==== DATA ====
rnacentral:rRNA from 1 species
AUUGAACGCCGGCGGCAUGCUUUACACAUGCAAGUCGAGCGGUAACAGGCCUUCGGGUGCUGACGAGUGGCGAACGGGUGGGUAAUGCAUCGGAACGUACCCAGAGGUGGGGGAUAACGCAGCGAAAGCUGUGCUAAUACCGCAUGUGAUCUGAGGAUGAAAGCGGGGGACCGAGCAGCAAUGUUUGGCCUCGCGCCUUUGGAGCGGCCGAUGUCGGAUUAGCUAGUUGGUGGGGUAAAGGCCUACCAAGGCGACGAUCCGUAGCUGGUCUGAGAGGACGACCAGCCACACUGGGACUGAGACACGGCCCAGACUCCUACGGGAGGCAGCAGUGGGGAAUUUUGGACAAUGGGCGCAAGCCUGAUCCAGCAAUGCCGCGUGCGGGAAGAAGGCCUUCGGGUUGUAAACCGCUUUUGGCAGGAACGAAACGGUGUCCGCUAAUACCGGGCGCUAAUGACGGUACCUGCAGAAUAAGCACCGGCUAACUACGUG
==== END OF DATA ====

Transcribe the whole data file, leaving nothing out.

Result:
rnacentral:rRNA from 1 species
AUUGAACGCCGGCGGCAUGCUUUACACAUGCAAGUCGAGCGGUAACAGGCCUUCGGGUGCUGACGAGUGGCGAACGGGUGGGUAAUGCAUCGGAACGUACCCAGAGGUGGGGGAUAACGCAGCGAAAGCUGUGCUAAUACCGCAUGUGAUCUGAGGAUGAAAGCGGGGGACCGAGCAGCAAUGUUUGGCCUCGCGCCUUUGGAGCGGCCGAUGUCGGAUUAGCUAGUUGGUGGGGUAAAGGCCUACCAAGGCGACGAUCCGUAGCUGGUCUGAGAGGACGACCAGCCACACUGGGACUGAGACACGGCCCAGACUCCUACGGGAGGCAGCAGUGGGGAAUUUUGGACAAUGGGCGCAAGCCUGAUCCAGCAAUGCCGCGUGCGGGAAGAAGGCCUUCGGGUUGUAAACCGCUUUUGGCAGGAACGAAACGGUGUCCGCUAAUACCGGGCGCUAAUGACGGUACCUGCAGAAUAAGCACCGGCUAACUACGUG